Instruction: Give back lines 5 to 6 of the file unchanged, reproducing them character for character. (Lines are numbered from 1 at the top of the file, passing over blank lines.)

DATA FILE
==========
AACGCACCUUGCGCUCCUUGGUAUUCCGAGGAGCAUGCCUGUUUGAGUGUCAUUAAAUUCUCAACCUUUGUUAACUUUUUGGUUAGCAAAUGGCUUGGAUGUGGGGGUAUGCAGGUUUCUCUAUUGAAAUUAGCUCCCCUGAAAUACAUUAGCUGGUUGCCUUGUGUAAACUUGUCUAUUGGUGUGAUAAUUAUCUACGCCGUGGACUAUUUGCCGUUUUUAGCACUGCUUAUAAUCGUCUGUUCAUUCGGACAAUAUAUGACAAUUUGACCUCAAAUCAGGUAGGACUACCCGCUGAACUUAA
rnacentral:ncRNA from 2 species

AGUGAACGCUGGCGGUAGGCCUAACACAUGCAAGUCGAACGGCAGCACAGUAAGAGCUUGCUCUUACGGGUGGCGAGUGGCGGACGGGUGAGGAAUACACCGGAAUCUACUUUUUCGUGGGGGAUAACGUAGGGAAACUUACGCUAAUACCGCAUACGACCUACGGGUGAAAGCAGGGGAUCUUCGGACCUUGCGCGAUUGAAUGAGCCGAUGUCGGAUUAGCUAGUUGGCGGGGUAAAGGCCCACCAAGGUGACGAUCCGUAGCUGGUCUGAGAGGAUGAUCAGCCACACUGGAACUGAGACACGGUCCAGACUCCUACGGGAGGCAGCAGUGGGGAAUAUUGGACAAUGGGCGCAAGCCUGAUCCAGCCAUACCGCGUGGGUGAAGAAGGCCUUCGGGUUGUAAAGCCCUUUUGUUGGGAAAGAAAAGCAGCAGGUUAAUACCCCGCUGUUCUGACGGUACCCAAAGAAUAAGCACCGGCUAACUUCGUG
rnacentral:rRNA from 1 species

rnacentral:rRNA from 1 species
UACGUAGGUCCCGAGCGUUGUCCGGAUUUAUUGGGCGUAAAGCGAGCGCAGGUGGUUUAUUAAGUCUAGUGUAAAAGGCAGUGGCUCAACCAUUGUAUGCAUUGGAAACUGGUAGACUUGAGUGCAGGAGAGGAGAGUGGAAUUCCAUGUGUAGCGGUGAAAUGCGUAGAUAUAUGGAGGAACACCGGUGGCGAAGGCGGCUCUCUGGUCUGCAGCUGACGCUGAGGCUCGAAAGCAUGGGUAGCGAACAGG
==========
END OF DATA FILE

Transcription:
rnacentral:rRNA from 1 species
UACGUAGGUCCCGAGCGUUGUCCGGAUUUAUUGGGCGUAAAGCGAGCGCAGGUGGUUUAUUAAGUCUAGUGUAAAAGGCAGUGGCUCAACCAUUGUAUGCAUUGGAAACUGGUAGACUUGAGUGCAGGAGAGGAGAGUGGAAUUCCAUGUGUAGCGGUGAAAUGCGUAGAUAUAUGGAGGAACACCGGUGGCGAAGGCGGCUCUCUGGUCUGCAGCUGACGCUGAGGCUCGAAAGCAUGGGUAGCGAACAGG